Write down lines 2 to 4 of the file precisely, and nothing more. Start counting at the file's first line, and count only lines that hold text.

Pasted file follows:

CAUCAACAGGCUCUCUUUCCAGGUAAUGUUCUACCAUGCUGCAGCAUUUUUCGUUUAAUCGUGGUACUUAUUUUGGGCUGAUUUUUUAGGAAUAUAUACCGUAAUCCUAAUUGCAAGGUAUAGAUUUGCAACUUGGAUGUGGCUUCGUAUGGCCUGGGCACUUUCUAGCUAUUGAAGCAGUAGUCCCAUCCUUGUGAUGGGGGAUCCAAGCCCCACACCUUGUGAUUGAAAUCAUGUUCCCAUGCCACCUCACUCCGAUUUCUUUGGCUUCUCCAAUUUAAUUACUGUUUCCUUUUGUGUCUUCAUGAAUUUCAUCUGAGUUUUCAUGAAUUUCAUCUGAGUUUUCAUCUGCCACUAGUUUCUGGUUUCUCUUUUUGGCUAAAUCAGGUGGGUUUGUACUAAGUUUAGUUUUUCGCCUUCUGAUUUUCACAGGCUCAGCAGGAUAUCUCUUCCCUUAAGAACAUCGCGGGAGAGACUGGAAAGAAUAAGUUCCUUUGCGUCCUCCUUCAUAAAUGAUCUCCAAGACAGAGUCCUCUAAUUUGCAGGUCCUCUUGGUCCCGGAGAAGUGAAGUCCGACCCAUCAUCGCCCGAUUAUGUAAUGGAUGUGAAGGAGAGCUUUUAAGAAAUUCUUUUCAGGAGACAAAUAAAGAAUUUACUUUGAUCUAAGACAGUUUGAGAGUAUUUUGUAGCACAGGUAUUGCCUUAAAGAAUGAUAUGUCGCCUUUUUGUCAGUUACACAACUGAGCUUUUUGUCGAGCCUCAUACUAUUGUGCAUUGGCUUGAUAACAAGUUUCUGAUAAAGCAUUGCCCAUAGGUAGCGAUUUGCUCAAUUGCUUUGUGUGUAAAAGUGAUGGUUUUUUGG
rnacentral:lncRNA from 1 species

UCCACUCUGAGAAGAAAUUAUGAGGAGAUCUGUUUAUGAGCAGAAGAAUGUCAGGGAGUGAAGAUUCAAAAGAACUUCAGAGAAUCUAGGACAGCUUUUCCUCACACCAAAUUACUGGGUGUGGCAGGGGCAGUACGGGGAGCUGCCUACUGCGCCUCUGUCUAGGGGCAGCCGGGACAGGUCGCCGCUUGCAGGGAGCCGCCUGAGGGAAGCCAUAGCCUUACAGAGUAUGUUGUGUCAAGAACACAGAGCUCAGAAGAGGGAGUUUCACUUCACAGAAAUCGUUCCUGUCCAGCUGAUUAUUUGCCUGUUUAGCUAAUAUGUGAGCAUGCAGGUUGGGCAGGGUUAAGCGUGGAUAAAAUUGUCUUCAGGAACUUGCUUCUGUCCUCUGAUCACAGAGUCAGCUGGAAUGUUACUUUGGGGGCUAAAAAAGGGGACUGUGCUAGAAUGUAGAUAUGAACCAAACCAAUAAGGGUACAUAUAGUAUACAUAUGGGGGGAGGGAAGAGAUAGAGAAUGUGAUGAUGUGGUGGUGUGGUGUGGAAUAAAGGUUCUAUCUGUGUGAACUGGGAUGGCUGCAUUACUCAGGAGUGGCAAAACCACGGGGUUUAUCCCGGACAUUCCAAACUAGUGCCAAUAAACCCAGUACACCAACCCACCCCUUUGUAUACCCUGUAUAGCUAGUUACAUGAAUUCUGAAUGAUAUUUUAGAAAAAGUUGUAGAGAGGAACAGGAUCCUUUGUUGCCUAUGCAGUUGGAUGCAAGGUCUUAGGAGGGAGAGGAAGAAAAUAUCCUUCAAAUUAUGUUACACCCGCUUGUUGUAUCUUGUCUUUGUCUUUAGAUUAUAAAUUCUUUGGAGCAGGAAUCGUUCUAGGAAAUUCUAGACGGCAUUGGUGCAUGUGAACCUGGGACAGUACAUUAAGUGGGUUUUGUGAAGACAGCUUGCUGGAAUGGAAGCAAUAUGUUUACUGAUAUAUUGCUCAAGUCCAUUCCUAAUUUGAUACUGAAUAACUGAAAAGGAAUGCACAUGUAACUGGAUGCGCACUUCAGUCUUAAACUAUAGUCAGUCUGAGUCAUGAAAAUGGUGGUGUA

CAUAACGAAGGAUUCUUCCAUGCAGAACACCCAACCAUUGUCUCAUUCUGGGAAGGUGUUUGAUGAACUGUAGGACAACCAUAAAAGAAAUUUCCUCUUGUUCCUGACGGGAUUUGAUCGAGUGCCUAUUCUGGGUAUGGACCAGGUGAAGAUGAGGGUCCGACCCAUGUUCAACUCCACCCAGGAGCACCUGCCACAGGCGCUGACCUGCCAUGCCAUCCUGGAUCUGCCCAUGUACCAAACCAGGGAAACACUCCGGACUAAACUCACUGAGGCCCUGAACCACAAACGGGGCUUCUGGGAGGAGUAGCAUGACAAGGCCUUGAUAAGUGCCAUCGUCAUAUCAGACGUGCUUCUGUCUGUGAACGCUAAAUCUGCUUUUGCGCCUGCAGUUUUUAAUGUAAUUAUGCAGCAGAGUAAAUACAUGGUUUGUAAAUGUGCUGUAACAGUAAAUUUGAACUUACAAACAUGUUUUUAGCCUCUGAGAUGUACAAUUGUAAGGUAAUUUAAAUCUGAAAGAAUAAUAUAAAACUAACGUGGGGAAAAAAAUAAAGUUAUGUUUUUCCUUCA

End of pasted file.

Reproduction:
rnacentral:lncRNA from 1 species

UCCACUCUGAGAAGAAAUUAUGAGGAGAUCUGUUUAUGAGCAGAAGAAUGUCAGGGAGUGAAGAUUCAAAAGAACUUCAGAGAAUCUAGGACAGCUUUUCCUCACACCAAAUUACUGGGUGUGGCAGGGGCAGUACGGGGAGCUGCCUACUGCGCCUCUGUCUAGGGGCAGCCGGGACAGGUCGCCGCUUGCAGGGAGCCGCCUGAGGGAAGCCAUAGCCUUACAGAGUAUGUUGUGUCAAGAACACAGAGCUCAGAAGAGGGAGUUUCACUUCACAGAAAUCGUUCCUGUCCAGCUGAUUAUUUGCCUGUUUAGCUAAUAUGUGAGCAUGCAGGUUGGGCAGGGUUAAGCGUGGAUAAAAUUGUCUUCAGGAACUUGCUUCUGUCCUCUGAUCACAGAGUCAGCUGGAAUGUUACUUUGGGGGCUAAAAAAGGGGACUGUGCUAGAAUGUAGAUAUGAACCAAACCAAUAAGGGUACAUAUAGUAUACAUAUGGGGGGAGGGAAGAGAUAGAGAAUGUGAUGAUGUGGUGGUGUGGUGUGGAAUAAAGGUUCUAUCUGUGUGAACUGGGAUGGCUGCAUUACUCAGGAGUGGCAAAACCACGGGGUUUAUCCCGGACAUUCCAAACUAGUGCCAAUAAACCCAGUACACCAACCCACCCCUUUGUAUACCCUGUAUAGCUAGUUACAUGAAUUCUGAAUGAUAUUUUAGAAAAAGUUGUAGAGAGGAACAGGAUCCUUUGUUGCCUAUGCAGUUGGAUGCAAGGUCUUAGGAGGGAGAGGAAGAAAAUAUCCUUCAAAUUAUGUUACACCCGCUUGUUGUAUCUUGUCUUUGUCUUUAGAUUAUAAAUUCUUUGGAGCAGGAAUCGUUCUAGGAAAUUCUAGACGGCAUUGGUGCAUGUGAACCUGGGACAGUACAUUAAGUGGGUUUUGUGAAGACAGCUUGCUGGAAUGGAAGCAAUAUGUUUACUGAUAUAUUGCUCAAGUCCAUUCCUAAUUUGAUACUGAAUAACUGAAAAGGAAUGCACAUGUAACUGGAUGCGCACUUCAGUCUUAAACUAUAGUCAGUCUGAGUCAUGAAAAUGGUGGUGUA

CAUAACGAAGGAUUCUUCCAUGCAGAACACCCAACCAUUGUCUCAUUCUGGGAAGGUGUUUGAUGAACUGUAGGACAACCAUAAAAGAAAUUUCCUCUUGUUCCUGACGGGAUUUGAUCGAGUGCCUAUUCUGGGUAUGGACCAGGUGAAGAUGAGGGUCCGACCCAUGUUCAACUCCACCCAGGAGCACCUGCCACAGGCGCUGACCUGCCAUGCCAUCCUGGAUCUGCCCAUGUACCAAACCAGGGAAACACUCCGGACUAAACUCACUGAGGCCCUGAACCACAAACGGGGCUUCUGGGAGGAGUAGCAUGACAAGGCCUUGAUAAGUGCCAUCGUCAUAUCAGACGUGCUUCUGUCUGUGAACGCUAAAUCUGCUUUUGCGCCUGCAGUUUUUAAUGUAAUUAUGCAGCAGAGUAAAUACAUGGUUUGUAAAUGUGCUGUAACAGUAAAUUUGAACUUACAAACAUGUUUUUAGCCUCUGAGAUGUACAAUUGUAAGGUAAUUUAAAUCUGAAAGAAUAAUAUAAAACUAACGUGGGGAAAAAAAUAAAGUUAUGUUUUUCCUUCA